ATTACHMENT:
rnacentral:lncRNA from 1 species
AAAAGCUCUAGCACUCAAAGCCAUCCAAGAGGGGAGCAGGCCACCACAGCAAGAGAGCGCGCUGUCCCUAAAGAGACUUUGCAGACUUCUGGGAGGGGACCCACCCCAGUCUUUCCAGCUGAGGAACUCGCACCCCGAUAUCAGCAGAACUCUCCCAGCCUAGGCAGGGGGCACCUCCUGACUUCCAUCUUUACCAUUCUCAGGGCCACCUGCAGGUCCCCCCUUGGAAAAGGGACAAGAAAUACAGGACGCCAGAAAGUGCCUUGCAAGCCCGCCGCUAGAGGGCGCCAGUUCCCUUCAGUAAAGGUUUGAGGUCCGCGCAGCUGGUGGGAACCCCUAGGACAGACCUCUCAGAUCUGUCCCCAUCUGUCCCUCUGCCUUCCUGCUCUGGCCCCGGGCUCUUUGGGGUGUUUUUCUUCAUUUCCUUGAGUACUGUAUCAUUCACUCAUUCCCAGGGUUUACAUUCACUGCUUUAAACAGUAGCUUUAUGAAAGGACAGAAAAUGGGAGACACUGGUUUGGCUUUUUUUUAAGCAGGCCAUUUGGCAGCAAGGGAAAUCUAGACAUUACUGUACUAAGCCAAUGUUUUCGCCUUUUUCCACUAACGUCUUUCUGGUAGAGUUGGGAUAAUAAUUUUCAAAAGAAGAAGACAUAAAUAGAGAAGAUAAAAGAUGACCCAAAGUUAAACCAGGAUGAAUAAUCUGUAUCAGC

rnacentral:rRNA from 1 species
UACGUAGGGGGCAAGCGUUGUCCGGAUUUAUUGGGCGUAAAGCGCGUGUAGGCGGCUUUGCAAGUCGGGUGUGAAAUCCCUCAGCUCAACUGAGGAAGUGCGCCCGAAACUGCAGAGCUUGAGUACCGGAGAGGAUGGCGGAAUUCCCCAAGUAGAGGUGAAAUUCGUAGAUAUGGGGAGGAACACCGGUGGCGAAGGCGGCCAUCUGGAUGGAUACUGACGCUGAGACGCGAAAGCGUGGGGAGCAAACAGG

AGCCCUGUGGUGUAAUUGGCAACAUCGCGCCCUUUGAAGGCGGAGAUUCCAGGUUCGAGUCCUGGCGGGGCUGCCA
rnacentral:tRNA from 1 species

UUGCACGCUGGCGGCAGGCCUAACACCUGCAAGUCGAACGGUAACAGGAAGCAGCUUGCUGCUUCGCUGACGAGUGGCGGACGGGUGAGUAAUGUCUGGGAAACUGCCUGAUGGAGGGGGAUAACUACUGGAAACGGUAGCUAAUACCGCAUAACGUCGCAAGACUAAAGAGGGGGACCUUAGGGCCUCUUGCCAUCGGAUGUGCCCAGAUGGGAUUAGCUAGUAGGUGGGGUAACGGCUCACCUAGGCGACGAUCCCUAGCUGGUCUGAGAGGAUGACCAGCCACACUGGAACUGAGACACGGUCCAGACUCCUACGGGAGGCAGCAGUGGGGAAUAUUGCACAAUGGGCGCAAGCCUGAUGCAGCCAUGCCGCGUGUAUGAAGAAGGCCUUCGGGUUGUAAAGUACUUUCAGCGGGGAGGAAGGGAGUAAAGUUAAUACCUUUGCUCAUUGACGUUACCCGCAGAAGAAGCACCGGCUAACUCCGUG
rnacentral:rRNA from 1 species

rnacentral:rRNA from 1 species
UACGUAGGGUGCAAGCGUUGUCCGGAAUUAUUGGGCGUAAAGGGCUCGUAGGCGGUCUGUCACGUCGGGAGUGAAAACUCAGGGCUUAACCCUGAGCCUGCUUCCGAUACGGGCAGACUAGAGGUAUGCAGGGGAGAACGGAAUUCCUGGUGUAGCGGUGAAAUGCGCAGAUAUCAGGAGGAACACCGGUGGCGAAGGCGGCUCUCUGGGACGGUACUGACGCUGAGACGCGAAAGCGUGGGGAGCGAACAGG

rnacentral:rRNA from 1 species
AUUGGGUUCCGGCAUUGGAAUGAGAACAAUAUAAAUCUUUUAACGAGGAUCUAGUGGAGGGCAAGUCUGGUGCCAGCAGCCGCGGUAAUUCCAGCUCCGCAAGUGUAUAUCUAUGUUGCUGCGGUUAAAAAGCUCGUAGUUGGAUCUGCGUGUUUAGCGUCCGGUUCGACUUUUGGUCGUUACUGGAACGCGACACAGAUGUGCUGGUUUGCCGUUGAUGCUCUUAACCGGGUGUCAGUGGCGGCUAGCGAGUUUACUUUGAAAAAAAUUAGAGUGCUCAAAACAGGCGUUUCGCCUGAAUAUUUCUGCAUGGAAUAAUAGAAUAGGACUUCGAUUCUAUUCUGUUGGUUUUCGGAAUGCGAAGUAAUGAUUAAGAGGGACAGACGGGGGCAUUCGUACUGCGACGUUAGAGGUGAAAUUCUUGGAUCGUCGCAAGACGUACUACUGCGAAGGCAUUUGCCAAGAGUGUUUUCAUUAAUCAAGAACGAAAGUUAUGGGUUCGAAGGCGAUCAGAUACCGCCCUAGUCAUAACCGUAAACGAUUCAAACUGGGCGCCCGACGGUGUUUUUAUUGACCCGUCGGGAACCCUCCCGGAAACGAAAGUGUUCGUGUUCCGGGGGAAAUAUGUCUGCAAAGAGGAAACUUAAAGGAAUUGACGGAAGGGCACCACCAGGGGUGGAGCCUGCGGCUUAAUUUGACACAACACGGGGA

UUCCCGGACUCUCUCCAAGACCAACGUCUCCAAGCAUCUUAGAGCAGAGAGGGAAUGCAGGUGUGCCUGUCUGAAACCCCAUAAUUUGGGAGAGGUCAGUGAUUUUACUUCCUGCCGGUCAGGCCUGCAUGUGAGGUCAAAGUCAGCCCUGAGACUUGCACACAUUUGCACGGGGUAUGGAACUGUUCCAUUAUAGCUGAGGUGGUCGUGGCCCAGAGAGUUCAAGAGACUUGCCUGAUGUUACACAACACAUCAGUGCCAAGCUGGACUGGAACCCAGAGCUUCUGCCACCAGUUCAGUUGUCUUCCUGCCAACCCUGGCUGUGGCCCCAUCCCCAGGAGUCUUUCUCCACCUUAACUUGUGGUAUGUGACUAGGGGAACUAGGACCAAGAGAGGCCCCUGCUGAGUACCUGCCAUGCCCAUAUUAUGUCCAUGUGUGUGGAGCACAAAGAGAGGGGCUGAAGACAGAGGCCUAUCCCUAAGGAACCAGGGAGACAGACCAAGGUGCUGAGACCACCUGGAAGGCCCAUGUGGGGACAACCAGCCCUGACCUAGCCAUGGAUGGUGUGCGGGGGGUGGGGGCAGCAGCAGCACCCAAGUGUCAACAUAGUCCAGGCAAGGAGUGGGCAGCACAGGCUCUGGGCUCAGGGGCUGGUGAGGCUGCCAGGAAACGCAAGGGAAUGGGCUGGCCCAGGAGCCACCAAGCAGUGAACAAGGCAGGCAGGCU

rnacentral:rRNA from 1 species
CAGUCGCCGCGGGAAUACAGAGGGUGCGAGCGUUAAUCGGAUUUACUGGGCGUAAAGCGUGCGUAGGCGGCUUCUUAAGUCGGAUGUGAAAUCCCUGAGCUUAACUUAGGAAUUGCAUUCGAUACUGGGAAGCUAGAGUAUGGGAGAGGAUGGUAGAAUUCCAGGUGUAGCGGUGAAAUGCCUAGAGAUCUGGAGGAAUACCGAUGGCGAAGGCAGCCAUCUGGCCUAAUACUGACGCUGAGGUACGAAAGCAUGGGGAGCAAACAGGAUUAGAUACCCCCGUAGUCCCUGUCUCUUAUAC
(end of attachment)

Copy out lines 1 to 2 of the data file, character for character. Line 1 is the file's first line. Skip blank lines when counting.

rnacentral:lncRNA from 1 species
AAAAGCUCUAGCACUCAAAGCCAUCCAAGAGGGGAGCAGGCCACCACAGCAAGAGAGCGCGCUGUCCCUAAAGAGACUUUGCAGACUUCUGGGAGGGGACCCACCCCAGUCUUUCCAGCUGAGGAACUCGCACCCCGAUAUCAGCAGAACUCUCCCAGCCUAGGCAGGGGGCACCUCCUGACUUCCAUCUUUACCAUUCUCAGGGCCACCUGCAGGUCCCCCCUUGGAAAAGGGACAAGAAAUACAGGACGCCAGAAAGUGCCUUGCAAGCCCGCCGCUAGAGGGCGCCAGUUCCCUUCAGUAAAGGUUUGAGGUCCGCGCAGCUGGUGGGAACCCCUAGGACAGACCUCUCAGAUCUGUCCCCAUCUGUCCCUCUGCCUUCCUGCUCUGGCCCCGGGCUCUUUGGGGUGUUUUUCUUCAUUUCCUUGAGUACUGUAUCAUUCACUCAUUCCCAGGGUUUACAUUCACUGCUUUAAACAGUAGCUUUAUGAAAGGACAGAAAAUGGGAGACACUGGUUUGGCUUUUUUUUAAGCAGGCCAUUUGGCAGCAAGGGAAAUCUAGACAUUACUGUACUAAGCCAAUGUUUUCGCCUUUUUCCACUAACGUCUUUCUGGUAGAGUUGGGAUAAUAAUUUUCAAAAGAAGAAGACAUAAAUAGAGAAGAUAAAAGAUGACCCAAAGUUAAACCAGGAUGAAUAAUCUGUAUCAGC